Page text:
HOUSE COMMITTEE ON TRANSPORTATION
May 4, 2005 Portland, OR
2:00 P.M. NO TAPE
MEMBERS PRESENT: Rep. George Gilman, Chair
Rep. Terry Beyer, Vice-Chair
Rep. Chuck Burley, Vice-Chair
Rep. Kim Thatcher
MEMBERS EXCUSED: Rep. Deborah Boone
Rep. Scott Bruun
Rep. Dave Hunt
STAFF PRESENT: Patrick Brennan, Committee Administrator
Mike Reiley, Committee Assistant
Tour of the Mexican Consulate in Portland
The House Committee on Transportation traveled to Portland, OR, to tour the facilities of the Mexican Consulate. The tour was given by Fernando Sanchez Ugarte, Consul, and Luis Elias, Chancellor. The tour was a fact-finding excursion designed to help committee members and staff learn more about the process by which citizens of Mexico may gain identifying documents while traveling to or living in Oregon.
The House Committee on Transportation has had under consideration during the 2005 Legislative Session a number of different bill dealing with documents used for issuance of driver’s licenses by the Division of Motor Vehicles (DMV) of the Oregon Department of Transportation (ODOT). One source for documents that may currently be used to acquire an Oregon driver’s license is the Mexican Consulate.
Registration of foreign nationals through consular offices is a practice recognized by the Vienna Convention on Consular Relations. Mexican consulates throughout the United States have been issuing identifying certificates, known as Matricula Consular de Alta Seguridad, or MCAS (also known as “matricular cards”) since 1871. By issuing matricular cards and registering Mexican nationals, consular officers are able to provide protection, access to consular services, and communication with relatives and authorities in Mexico.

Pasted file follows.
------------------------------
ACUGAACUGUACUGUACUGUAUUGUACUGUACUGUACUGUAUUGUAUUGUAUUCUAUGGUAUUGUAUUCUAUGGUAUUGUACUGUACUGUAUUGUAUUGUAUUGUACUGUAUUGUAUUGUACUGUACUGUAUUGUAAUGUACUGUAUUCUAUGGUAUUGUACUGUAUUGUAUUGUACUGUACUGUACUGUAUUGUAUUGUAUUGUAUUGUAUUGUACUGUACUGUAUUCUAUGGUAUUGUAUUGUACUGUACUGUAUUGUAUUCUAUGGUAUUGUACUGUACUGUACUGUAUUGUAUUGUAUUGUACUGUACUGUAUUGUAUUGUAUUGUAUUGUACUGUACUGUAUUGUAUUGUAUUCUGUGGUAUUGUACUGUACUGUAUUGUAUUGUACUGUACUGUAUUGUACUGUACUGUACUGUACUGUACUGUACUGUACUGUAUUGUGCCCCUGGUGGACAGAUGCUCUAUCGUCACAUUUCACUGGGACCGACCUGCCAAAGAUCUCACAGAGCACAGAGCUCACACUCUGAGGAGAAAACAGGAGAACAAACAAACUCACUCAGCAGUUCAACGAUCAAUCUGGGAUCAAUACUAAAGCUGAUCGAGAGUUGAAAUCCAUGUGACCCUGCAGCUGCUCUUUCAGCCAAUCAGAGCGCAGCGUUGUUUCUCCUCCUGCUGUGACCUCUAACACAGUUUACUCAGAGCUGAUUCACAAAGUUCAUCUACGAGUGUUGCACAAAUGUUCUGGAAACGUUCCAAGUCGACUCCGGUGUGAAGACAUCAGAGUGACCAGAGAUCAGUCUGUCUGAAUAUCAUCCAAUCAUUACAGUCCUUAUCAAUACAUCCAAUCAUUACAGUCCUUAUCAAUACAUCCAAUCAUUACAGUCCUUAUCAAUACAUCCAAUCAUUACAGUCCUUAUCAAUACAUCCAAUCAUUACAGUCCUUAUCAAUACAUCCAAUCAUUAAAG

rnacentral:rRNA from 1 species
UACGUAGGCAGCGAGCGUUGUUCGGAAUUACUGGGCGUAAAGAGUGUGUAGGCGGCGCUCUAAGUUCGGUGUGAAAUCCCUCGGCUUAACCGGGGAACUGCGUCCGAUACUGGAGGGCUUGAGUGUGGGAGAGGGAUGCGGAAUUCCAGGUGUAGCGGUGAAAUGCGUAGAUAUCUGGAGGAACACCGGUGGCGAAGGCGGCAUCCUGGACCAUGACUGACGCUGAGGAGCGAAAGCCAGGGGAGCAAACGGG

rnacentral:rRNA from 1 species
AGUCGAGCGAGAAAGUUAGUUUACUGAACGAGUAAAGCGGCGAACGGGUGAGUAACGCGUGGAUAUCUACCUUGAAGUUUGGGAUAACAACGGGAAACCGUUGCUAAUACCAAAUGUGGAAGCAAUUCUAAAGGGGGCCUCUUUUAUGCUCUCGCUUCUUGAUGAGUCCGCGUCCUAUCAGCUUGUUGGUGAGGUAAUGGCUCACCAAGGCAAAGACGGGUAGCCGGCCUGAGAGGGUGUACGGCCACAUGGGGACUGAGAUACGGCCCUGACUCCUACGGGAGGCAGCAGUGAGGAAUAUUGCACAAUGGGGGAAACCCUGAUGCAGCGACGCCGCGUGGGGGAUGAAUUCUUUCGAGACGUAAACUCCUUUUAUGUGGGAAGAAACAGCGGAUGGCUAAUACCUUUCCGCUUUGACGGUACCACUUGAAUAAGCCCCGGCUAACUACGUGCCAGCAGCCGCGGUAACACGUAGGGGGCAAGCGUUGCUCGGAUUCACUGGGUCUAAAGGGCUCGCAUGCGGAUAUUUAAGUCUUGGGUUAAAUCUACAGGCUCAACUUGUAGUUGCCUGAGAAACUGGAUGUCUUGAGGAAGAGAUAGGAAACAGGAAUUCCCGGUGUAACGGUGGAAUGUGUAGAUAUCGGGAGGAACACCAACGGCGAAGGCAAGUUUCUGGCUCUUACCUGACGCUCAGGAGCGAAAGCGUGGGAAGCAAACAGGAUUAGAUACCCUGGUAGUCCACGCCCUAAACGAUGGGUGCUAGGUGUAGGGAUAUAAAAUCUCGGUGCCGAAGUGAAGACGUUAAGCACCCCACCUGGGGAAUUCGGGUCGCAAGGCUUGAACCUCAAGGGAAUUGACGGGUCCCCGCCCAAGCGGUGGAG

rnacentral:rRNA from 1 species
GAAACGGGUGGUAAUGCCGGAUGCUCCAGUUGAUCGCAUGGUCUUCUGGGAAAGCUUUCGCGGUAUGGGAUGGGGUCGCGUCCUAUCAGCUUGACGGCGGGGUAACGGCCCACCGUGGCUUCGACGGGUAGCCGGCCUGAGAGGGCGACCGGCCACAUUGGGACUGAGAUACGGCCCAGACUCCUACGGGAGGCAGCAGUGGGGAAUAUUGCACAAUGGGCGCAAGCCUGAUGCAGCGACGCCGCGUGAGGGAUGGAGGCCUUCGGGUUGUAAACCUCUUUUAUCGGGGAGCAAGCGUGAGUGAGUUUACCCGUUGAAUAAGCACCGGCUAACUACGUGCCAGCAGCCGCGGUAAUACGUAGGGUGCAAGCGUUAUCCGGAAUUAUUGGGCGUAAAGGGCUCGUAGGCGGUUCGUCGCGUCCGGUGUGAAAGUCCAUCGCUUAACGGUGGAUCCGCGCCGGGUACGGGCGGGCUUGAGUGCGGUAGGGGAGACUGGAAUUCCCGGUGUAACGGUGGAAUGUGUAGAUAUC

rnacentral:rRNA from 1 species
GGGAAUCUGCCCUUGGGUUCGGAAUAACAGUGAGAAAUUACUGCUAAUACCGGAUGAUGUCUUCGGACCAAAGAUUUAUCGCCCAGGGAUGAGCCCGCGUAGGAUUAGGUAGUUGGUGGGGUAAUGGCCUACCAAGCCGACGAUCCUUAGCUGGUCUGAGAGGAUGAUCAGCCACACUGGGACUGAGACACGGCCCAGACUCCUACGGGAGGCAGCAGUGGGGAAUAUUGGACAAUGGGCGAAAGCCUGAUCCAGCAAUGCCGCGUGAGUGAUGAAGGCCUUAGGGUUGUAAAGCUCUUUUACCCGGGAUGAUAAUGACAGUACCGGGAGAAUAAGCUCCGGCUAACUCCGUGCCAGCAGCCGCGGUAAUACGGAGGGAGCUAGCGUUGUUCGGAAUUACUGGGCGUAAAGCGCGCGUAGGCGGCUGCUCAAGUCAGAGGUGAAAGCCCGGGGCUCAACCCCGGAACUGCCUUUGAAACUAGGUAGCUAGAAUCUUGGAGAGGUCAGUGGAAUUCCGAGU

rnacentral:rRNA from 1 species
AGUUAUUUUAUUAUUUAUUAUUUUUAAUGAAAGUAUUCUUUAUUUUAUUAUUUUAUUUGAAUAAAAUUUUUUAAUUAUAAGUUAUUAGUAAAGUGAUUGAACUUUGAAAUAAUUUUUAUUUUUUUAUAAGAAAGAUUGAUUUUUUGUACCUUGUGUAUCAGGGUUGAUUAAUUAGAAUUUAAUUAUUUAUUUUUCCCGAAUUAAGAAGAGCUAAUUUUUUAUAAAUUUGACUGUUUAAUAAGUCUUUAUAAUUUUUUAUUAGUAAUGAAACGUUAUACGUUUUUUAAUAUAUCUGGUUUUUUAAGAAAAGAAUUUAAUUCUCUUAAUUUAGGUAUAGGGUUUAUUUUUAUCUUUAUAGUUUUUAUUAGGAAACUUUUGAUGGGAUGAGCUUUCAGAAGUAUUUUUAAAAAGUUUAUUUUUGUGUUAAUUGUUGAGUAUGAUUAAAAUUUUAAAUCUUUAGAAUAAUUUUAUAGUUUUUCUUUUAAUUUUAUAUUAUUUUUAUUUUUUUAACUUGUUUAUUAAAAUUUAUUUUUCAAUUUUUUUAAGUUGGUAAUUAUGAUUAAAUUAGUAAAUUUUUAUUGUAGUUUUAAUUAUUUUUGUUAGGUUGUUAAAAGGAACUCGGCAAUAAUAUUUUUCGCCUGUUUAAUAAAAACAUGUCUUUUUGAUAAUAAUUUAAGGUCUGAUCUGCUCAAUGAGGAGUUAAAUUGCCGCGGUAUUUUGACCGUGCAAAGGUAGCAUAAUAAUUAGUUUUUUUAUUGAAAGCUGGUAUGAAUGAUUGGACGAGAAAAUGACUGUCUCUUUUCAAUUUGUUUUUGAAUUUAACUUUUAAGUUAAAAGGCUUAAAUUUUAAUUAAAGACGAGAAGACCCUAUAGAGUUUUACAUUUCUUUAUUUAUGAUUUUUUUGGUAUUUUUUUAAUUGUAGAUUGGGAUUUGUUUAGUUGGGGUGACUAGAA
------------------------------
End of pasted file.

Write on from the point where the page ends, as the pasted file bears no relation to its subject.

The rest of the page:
Applicants for a matricular card are required to meet four basic requirements:
Matricular cards are issued for five years. The Mexican government maintains a database which consulates may use to verify identities and to check whether the applicant is on a “stop list” of individuals not allowed to obtain documents from the Mexican government.
Statistics provided by the Consulate indicate that in 2004 matricular cards were accepted as a valid identification card in 377 cities, 163 counties, 178 financial institutions, and 1,180 police departments in the United States. Twelve states, including Oregon, accept matricular cards as one of the proofs of identity necessary to obtain a driver’s license.
Committee members were given a tour of the consular facilities and a demonstration of how matricular cards are issued. Following the tour, Consul Fernando Sanchez Ugarte and Chancellor Luis Elias provided additional information and made themselves available to answer questions regarding the matricular card program. Questions included security precautions taken when issuing cards and security features of matricular cards, the types of documents issued by the Mexican government that may be used when applying for a matricular card, and the policies of other states with regard to matricular cards.